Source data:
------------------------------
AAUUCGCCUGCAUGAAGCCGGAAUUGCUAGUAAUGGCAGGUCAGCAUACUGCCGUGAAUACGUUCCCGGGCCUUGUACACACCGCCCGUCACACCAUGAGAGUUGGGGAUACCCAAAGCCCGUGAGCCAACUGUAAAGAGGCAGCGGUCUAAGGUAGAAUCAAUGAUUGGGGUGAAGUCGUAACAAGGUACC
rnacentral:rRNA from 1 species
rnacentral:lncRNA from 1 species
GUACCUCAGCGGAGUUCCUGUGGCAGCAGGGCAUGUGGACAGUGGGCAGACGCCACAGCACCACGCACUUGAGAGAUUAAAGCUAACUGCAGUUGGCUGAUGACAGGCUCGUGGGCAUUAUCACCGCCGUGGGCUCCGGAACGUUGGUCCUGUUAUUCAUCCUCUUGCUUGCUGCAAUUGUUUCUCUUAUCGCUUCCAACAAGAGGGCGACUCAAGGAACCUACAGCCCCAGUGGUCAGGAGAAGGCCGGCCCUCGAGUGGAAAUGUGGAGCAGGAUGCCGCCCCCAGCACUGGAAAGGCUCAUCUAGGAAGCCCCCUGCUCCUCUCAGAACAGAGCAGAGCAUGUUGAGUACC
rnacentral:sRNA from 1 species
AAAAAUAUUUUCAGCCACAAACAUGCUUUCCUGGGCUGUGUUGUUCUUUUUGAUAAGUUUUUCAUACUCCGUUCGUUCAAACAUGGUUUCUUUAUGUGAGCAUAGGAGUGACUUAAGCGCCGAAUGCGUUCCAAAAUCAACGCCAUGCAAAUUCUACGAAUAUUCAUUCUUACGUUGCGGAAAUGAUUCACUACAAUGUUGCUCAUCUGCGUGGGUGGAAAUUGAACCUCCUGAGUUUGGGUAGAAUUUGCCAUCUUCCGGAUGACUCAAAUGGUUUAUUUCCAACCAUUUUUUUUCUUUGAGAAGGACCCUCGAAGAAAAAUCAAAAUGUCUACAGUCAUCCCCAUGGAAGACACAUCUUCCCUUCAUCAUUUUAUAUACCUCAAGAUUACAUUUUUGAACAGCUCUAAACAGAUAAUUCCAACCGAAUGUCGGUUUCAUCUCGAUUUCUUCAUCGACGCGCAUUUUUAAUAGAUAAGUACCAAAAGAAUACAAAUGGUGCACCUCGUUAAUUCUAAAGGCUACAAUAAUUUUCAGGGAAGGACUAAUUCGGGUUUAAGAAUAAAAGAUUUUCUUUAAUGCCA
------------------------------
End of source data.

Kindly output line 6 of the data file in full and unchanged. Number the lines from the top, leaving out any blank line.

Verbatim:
AAAAAUAUUUUCAGCCACAAACAUGCUUUCCUGGGCUGUGUUGUUCUUUUUGAUAAGUUUUUCAUACUCCGUUCGUUCAAACAUGGUUUCUUUAUGUGAGCAUAGGAGUGACUUAAGCGCCGAAUGCGUUCCAAAAUCAACGCCAUGCAAAUUCUACGAAUAUUCAUUCUUACGUUGCGGAAAUGAUUCACUACAAUGUUGCUCAUCUGCGUGGGUGGAAAUUGAACCUCCUGAGUUUGGGUAGAAUUUGCCAUCUUCCGGAUGACUCAAAUGGUUUAUUUCCAACCAUUUUUUUUCUUUGAGAAGGACCCUCGAAGAAAAAUCAAAAUGUCUACAGUCAUCCCCAUGGAAGACACAUCUUCCCUUCAUCAUUUUAUAUACCUCAAGAUUACAUUUUUGAACAGCUCUAAACAGAUAAUUCCAACCGAAUGUCGGUUUCAUCUCGAUUUCUUCAUCGACGCGCAUUUUUAAUAGAUAAGUACCAAAAGAAUACAAAUGGUGCACCUCGUUAAUUCUAAAGGCUACAAUAAUUUUCAGGGAAGGACUAAUUCGGGUUUAAGAAUAAAAGAUUUUCUUUAAUGCCA